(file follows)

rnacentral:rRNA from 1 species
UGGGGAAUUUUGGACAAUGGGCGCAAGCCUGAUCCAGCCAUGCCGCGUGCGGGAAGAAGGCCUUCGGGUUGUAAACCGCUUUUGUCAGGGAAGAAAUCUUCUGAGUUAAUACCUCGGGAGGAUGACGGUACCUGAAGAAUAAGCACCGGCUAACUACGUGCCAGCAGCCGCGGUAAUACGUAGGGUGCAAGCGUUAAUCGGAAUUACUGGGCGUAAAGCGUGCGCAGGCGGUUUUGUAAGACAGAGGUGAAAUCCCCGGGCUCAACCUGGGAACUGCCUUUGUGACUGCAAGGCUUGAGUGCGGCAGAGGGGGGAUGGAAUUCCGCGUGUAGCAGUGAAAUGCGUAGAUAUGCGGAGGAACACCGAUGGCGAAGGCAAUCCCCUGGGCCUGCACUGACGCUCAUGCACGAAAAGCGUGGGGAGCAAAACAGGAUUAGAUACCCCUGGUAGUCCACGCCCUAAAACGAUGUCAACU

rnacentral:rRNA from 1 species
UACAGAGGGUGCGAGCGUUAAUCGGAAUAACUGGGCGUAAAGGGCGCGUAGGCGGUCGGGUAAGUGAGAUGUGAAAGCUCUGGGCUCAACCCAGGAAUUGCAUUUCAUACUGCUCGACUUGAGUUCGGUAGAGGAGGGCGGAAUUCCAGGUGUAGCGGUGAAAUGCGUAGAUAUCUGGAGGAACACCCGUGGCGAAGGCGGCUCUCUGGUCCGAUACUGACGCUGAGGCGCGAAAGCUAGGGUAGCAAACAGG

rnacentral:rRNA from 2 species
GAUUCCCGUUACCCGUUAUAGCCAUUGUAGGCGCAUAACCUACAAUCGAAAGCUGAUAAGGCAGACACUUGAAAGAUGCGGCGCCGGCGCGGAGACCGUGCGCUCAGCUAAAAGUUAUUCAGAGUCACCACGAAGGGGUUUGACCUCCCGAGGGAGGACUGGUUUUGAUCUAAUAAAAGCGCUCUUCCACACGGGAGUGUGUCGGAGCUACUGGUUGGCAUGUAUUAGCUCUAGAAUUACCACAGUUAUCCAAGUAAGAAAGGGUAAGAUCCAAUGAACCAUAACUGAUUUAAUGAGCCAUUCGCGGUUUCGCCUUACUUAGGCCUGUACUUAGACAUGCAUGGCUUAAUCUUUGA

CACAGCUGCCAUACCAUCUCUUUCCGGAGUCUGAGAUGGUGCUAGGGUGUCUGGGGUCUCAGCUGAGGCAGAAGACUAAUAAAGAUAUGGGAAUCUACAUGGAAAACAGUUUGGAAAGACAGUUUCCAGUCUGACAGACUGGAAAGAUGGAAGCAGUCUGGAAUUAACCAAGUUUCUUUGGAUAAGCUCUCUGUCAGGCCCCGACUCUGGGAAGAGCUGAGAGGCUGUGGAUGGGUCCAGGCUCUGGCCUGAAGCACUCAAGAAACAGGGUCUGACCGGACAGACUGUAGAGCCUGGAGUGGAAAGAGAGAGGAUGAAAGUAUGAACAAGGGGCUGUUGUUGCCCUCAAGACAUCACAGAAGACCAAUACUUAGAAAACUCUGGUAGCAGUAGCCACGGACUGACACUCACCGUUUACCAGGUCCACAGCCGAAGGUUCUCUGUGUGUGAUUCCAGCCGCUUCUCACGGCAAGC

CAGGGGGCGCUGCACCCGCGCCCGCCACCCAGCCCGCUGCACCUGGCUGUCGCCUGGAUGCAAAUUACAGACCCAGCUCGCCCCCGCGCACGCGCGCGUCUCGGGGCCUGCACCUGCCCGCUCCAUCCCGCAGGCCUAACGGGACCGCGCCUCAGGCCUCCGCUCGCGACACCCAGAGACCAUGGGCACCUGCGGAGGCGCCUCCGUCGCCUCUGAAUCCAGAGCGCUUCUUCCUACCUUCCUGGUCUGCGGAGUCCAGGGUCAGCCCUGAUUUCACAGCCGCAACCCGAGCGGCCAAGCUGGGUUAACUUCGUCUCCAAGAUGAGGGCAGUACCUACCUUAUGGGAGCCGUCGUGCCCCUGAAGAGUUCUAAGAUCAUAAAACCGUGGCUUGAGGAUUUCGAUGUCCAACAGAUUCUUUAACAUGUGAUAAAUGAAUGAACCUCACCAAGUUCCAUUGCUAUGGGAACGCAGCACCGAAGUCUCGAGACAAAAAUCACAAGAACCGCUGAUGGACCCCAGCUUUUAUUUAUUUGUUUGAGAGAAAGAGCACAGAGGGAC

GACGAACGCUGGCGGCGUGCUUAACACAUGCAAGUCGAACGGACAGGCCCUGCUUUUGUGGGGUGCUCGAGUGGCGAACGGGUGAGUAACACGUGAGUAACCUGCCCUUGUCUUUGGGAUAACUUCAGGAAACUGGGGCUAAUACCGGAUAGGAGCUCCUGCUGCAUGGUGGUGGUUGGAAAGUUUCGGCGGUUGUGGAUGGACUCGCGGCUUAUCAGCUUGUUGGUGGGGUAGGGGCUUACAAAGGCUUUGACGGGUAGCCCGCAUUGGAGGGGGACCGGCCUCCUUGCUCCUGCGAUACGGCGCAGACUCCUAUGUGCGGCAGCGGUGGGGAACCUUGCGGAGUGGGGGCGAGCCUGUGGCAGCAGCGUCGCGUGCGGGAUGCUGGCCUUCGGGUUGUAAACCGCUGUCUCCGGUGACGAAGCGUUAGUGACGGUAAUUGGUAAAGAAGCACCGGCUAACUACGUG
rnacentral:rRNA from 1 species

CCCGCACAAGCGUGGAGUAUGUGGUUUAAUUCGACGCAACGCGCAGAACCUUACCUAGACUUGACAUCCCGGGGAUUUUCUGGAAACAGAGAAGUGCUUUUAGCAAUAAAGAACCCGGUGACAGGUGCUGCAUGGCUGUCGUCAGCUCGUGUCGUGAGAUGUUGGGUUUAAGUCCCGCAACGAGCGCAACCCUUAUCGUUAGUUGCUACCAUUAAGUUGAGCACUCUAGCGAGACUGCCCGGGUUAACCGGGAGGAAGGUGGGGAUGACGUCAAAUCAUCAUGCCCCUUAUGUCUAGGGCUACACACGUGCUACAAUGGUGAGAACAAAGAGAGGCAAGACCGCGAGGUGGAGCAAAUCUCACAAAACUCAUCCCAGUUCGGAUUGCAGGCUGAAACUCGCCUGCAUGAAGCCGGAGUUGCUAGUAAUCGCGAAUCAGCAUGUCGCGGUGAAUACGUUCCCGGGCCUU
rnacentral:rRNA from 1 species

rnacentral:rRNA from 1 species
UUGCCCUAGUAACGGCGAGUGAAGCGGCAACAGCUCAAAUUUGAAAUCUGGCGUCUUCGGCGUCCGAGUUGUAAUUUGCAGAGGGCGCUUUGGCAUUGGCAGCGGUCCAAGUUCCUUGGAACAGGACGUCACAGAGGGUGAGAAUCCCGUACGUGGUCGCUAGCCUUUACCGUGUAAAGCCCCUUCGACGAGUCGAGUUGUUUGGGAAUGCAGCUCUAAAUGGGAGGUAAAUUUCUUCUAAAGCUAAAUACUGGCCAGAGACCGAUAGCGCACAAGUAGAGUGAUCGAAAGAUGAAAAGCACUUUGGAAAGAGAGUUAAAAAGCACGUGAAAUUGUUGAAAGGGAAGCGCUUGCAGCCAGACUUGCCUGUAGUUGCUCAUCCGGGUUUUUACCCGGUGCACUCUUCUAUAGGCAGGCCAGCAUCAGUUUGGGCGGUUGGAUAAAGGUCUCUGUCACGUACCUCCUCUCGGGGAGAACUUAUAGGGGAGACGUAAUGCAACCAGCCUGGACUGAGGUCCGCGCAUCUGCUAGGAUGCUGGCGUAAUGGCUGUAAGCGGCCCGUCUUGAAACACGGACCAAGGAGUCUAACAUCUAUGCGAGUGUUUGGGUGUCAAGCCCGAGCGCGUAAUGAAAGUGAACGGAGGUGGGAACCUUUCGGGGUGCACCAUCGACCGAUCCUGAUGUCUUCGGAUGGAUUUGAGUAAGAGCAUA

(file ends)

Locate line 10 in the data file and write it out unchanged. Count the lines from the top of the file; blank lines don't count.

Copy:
rnacentral:rRNA from 1 species